Expecting to see the “most severe educator shortage in Kansas history this fall,” the state board of education has agreed to allow high school graduates without college credit to be substitutes this coming semester.
But some teacher unions have raised concerns, worried officials might consider further extending the relaxed requirements, a move they say could harm students and dilute classroom instruction.
In January — as some school districts were closing and canceling classes due to record staffing shortages during the COVID-19 — the Kansas State Board of Education declared an emergency and lowered requirements for who can qualify to apply for an emergency substitute teaching license in Kansas .
The state usually requires a minimum of 60 semester credit hours from a regionally accredited college or university. The emergency declaration removed that minimum requirement. Under the new rules, candidates must: be at least 18 years old; have a high school diploma; have a verified commitment from a district for employment; and pass a background check.
Officials had called it a temporary and “last resort” measure, in an effort to keep schools open and offer relief to teachers and administrators. The declaration was set to expire this month.
But on Wednesday, Mischel Miller, Kansas’ director of teacher licensure and accreditation, warned that the state is poised to see its worst ever teacher shortage this fall. The board voted 7-3 to temporarily extend the relaxed requirements for emergency replacement licenses, through the end of December.
“I want to make certain this is intended to be temporary,” board member Deena Horst said. “And our problem that we’ve just been through is going to more than likely be worse. … As a substitute, I know, I’ve seen the list that Salina (school district) has. Any day, I can sub in probably 20 to 30 different locations or classrooms. And I’ve never seen it like that before. And if it’s going to get worse, it’s not good for kids to be put in a classroom with 50 other kids.”
Applicants who do not have 60 hours of college credit hours would be required to complete an online training program, teaching their classroom management strategies and more.
Districts have discretion over whom they select. And under the new requirements, someone with no college credit could not teach in the same position for more than 15 consecutive days.
In April, Miller reported to the board that the state had 1,381 teaching vacancies, up from 1,253 in October. Last fall, officials said that vacancies had risen roughly 62% over the year before. The highest number of vacancies are in special education and elementary schools.
And Miller said that number is a low estimate, because districts often report more vacancies later in the spring.
The full scope of this fall’s teacher shortage is not yet clear. Districts lost staff during the pandemic, many saying they were overwhelmed by COVID-19 safety concerns, as well as student mental health challenges and learning loss. Many teachers are burnt out after sacrificing their planning times to teach multiple classes when substitutes were not available.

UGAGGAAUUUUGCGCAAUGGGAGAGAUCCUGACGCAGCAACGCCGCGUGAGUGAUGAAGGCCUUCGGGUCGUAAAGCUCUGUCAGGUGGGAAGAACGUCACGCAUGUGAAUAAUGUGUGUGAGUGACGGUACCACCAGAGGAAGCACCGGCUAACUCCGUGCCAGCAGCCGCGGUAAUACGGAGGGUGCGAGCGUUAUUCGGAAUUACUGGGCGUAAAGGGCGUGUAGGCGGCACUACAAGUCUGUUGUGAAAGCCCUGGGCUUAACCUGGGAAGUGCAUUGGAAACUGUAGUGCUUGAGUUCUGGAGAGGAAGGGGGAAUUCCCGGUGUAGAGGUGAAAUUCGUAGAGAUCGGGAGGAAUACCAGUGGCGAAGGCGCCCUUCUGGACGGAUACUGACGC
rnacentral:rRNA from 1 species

They have seen more school threats, fights and violence this year, including recently watching the mass shooting unfold at an elementary school in Texas that left 19 students and two teachers dead. And educators also have been caught in the middle of heated political debates, as school boards have hosted continual protests over curriculum, race, LGBTQ issues and banning books.
Still, some educators are concerned about the state’s temporary fix to the shortage, worried that the state board could continue extending the relaxed requirements for subs.
Kansas National Education Association President Sherri Schwanz wrote in a letter that the group had supported the change over the winter because “it was a temporary solution.”
But now, she wrote, the board is extending it, “with only a bare bones video course required for prospective substitutes. Is there a guarantee that this is the last extension?”
“Kansas NEA opposes any efforts to reduce standards for license,” she wrote. “Reducing standards weakens the profession and makes it easier for unqualified and inexperienced individuals to enter classrooms and have direct contact and influence over students.”
She said the state must take a multi-faceted, long-term approach to attract and retain more teachers. Schwanz added that, “reducing standards to simply place a warm body in front of students is potentially dangerous and is not the answer.”
Leaders of the Olathe NEA echoed similar concerns, writing in a Facebook post that, “Many educators are concerned that this change fails to recognize the professional nature of our job.”
Miller told the board last month that more than 900 substitutes received emergency licenses under the new requirements this past semester. She said about 30% of the candidates were in their 20s; 20% were in their 30s; and 14% were under the age of 21. Miller said only one emergency sub was 18 years old.
State school board members affirm that lowering standards for emergency substitutes was a temporary move. But some board members had reservations, saying that the decision should have been postponed and put under stronger review.
Board member Janet Waugh said lowering emergency sub requirements last winter was “the most difficult vote I’ve ever made. Because frankly we were removing barriers, but we also removed quality.”
“Our kids are not worth messing them up,” said Waugh, who voted “no” on Wednesday. “We’ve got to make sure we offer them nothing but quality.”
The state education department will continue to evaluate more permanent solutions to the teacher shortage and present options to the board in the coming months, officials said.
This story was originally published June 16, 2022 1:59 PM.